But I'm still thrilled. I love it when I manage to accomplish something that wasn't exactly easy, that took time and effort--and I did it anyway. I'm one of those people who like projects that take a day or two of intense concentration to complete. I usually write my scripts during an all-nighter because I like to get the project done. I can sew but I hesitate to start a project because I'll want to spend HOURS on it so it can be complete before I move on to the next project. Puzzles can have no more than 1000 pieces and they can't be those stupid drive-you-crazy-because-all-the-pieces-are-shaped-the-same type because I have to be able to finish it quickly or the rest of my duties will be neglected for too long. I've tried crochet--I still intend on returning to my squares; I mean, really, what could be so difficult about squares? Maybe it's because there are 60-something of them. I've cross stitched using some gorgeous patterns but I still have the one I really want sitting in my projects bag. It didn't get done in a day and now I've moved on.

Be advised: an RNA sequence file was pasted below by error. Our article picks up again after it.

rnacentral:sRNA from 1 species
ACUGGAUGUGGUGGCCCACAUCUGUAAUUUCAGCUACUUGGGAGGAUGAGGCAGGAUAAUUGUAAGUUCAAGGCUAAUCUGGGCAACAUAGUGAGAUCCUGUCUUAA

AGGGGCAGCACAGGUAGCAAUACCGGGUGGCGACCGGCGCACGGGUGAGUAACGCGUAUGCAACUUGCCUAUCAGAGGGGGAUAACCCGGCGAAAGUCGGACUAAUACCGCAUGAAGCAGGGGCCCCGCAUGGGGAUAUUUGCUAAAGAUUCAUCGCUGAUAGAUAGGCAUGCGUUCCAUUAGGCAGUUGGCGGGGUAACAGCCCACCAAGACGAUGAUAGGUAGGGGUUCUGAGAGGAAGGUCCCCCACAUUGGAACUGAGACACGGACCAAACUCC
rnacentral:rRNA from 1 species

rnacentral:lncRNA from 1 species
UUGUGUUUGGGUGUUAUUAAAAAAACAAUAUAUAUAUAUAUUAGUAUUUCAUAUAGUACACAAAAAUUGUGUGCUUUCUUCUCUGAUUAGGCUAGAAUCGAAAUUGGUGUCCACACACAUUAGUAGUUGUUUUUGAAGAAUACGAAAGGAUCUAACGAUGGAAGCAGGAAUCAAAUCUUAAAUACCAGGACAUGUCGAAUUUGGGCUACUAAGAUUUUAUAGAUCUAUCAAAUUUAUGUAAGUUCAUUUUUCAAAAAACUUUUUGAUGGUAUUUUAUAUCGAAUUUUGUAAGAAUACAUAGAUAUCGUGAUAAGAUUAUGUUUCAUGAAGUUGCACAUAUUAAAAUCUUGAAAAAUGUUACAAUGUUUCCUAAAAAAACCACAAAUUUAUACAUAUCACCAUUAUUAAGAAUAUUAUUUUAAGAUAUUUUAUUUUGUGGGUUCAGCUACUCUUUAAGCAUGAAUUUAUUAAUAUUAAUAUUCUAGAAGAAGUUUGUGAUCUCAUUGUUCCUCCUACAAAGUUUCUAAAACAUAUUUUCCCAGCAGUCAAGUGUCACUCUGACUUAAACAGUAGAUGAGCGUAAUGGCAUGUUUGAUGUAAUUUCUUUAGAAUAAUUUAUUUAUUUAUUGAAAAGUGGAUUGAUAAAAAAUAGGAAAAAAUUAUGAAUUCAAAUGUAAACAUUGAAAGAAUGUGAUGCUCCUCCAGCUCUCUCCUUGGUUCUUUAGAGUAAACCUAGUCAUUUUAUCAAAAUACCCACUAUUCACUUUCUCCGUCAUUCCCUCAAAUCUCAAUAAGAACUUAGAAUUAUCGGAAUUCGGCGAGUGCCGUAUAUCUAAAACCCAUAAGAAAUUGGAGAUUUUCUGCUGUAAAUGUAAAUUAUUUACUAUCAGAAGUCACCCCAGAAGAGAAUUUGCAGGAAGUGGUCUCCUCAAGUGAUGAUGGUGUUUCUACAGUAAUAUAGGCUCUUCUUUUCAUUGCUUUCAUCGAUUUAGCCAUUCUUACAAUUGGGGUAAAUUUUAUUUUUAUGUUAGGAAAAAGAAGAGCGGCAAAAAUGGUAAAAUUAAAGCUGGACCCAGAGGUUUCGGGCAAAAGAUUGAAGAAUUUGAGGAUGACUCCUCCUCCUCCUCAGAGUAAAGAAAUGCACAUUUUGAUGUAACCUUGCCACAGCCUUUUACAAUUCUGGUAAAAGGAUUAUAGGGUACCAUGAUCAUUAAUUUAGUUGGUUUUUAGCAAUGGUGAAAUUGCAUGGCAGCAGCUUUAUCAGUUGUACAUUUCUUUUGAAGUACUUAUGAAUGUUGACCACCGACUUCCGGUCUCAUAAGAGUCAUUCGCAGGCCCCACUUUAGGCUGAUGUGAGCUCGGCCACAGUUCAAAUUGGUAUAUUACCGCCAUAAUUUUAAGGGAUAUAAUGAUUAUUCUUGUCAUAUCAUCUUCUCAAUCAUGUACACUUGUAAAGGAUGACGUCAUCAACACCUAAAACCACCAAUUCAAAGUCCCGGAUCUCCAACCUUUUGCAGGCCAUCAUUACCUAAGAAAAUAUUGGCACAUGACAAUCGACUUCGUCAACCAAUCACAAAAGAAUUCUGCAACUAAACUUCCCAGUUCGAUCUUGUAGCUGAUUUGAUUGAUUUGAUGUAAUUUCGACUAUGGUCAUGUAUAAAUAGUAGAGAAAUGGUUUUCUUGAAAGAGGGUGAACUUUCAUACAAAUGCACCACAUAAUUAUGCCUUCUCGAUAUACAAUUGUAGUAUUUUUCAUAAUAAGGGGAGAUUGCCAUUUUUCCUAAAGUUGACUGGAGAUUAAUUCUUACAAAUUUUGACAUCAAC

This book is different. It got finished. Good. One unfinished project is now complete. I can cross it off my list and go to bed...except I have a few things I should get done first since I've neglected some tasks all day. Nah.
I'll go read A Christmas Carol.
Side note: my eyes hurt. I still have my contacts in. I can't see the screen well.There are probably quite a few errors in the above piece. Just fix the errors mentally. Maybe later I'll edit this page. (but don't hold your breath)